If you have ever walked barefoot through your lawn in spring and thought you were stepping on sandspurs chances are lawn burweed has infested your yard. Lawn burweed, also known as spurweed (Soliva sessilis), is a common turf weed easily identified by its low ferny foliage and sharp, spiny seed pods that ripen in late spring. Now is the time to spray this weed to prevent these prickly pods from forming.
What are winter weeds?
Many of the weeds commonly seen in winter are cool season annuals. These weeds come up from seed in the fall, grow through winter, flower and set seed in spring, and then die as temperatures warm up in April and May. Henbit, hop clover, chickweed and lawn burweed are all examples of winter annual weeds that can be found in yards throughout our region
Currently many winter annual weeds are still fairly small, and burweed has not started to produce its sharp, prickly seed pods. Even though they are not very noticeable at the present time, now is the right time to treat lawns infested with burweed and other winter weeds. Once spring arrives it will be too late to control burweed and other winter annuals because their seeds will already have ripened, ensuring a new crop of weeds next winter.
Having a completely weed-free lawn is not very realistic, and weeds do have some benefits. Many winter weeds provide a valuable early food source for honey bees and other pollinators who are already out foraging. Consider leaving weeds in less noticeable areas to help support our local pollinator population.
How can I control them?
For this year, the best way to deal with burweed and other winter annual weeds is to spray a herbicide on your lawn during a week daily high temperatures are expected to be at least in the low 50s. Which herbicide to use depends on your lawn type. In zoysia and Bermuda lawns, most winter annual weeds can be controlled with herbicides containing a combination of the active ingredients 2,4-D, mecoprop and dicamba. Brand names for these products include Weed-B-Gone, Lesco Three Way, and Speed Zone Southern.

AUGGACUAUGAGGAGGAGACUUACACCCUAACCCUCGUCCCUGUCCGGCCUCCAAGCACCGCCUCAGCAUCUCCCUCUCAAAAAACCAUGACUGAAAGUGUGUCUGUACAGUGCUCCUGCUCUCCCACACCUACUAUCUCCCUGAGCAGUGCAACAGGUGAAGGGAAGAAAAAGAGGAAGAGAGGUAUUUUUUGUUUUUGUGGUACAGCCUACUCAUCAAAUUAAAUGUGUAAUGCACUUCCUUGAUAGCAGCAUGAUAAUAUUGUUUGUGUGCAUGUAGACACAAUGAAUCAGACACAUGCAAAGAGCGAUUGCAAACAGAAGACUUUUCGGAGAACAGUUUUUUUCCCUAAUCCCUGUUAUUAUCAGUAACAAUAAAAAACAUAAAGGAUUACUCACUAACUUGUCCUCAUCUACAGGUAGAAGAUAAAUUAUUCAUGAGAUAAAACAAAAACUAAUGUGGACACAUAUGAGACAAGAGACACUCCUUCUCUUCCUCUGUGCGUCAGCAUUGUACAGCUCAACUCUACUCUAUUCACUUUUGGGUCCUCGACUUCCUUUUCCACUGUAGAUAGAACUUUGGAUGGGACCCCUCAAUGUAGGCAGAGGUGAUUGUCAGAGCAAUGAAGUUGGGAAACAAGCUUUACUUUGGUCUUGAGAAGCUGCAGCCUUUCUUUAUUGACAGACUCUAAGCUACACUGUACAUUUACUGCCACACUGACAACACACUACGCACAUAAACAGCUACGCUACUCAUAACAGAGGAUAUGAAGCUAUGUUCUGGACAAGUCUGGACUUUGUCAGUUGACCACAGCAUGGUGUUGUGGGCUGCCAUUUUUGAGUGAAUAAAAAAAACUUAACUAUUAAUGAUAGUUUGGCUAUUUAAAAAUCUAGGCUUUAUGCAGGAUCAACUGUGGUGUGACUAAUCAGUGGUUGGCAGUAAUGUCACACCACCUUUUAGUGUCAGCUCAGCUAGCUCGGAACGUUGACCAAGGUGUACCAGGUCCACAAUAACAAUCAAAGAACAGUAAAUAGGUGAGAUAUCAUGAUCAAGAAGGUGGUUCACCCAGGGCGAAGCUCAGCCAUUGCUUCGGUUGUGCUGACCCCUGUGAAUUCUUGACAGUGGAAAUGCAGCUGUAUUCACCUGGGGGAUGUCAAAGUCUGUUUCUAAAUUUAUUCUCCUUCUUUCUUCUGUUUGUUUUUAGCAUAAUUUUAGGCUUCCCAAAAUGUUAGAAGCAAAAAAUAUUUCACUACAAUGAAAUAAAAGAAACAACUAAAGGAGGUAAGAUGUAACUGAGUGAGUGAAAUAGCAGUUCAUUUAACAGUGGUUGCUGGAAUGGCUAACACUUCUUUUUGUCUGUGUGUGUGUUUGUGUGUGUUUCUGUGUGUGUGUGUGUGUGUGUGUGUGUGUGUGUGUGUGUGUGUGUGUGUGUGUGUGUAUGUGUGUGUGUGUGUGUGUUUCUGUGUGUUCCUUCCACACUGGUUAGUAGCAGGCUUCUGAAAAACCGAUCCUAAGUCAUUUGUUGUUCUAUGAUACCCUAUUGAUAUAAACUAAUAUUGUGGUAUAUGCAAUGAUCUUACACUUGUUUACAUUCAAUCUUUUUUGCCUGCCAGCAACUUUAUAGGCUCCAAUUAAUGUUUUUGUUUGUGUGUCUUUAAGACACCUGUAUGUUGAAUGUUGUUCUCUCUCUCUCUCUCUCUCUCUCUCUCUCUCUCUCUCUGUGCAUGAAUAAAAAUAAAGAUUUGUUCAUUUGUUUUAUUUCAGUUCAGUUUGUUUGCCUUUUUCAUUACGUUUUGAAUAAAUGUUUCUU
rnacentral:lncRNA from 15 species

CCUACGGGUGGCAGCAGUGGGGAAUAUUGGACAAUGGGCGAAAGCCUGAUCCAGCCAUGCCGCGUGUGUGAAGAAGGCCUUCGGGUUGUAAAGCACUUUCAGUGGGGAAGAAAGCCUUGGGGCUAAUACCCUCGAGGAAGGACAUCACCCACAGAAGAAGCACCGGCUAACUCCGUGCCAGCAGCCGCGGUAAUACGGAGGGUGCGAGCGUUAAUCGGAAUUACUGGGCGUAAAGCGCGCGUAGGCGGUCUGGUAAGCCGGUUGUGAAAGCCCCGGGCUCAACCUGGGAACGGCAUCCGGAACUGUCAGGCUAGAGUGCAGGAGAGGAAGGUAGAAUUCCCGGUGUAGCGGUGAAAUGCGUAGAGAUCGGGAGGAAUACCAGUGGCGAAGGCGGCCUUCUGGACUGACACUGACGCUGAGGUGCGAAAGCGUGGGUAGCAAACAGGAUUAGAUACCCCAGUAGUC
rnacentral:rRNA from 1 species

Centipede and St. Augustine lawns are sensitive to 2,4-D. In these lawns instead apply Image, active ingredient Imazaquin, or atrazine. For burweed control, Image is more effective, though atrazine controls a wider range of winter weeds. Atrazine is sold as Purge II, Image for Centipede and St. Augustine, and HiYield Atrazine.
It is too early to fertilize lawns so avoid using any herbicides that are mixed with fertilizers. These products are commonly referred to as ‘weed and feed’. Wait until April to fertilize zoysia, St. Augustine and Bermuda lawns; and do not fertilize centipede yards until early May. Please note: Brand names are included in this article as a convenience to the reader and do not imply endorsement by NC State University nor discrimination against similar products or services not mentioned.
Can lawn weeds be controlled without chemicals?
There are a few organic herbicides available but none will selectively control weeds in lawns. Most organic herbicides contain vinegar, plant oils or soaps as their active ingredient. They work by burning the plant tissue they come in contact with and are most effective when sprayed directly on small weeds that have recently sprouted. Corn gluten has been promoted as a natural pre-emergent herbicide but few studies have shown this product to be effective. In addition, corn gluten contains a relatively high nitrogen level, which has the effect of fertilizing weeds.
For the long term, the most effective way to control weeds in turf is to nurture a healthy, dense lawn by following correct cultural practices. These include mowing at the correct height, having any insect or disease problems correctly diagnosed before treating, sending soil samples to the NC Department of Agriculture to determine your nutrient or lime needs, and following turf care recommendations for your lawn type available on the NCSU TurfFiles website, turffiles.ncsu.edu (click on the Maintenance Calendar tab).
For further advice on lawn weed control, contact your local Extension office. If you live in PenderCounty, call 910-259-1235. In NewHanoverCounty, call 910-798-7660. In BrunswickCountycall 910-253-2610, or visit ces.ncsu.eduwhere you can post your questions to be answered via the ‘Ask an Expert’ widget. Visit the Pender Gardener blogto stay up to date with all the latest gardening news, pendergardener.blogspot.com.
Charlotte Glen is a Horticulture Agent with Pender County Cooperative Extension of NC State University, College of Agriculture & Life Sciences. She can be reached via e-mail at Charlotte_Glen@ncsu.edu.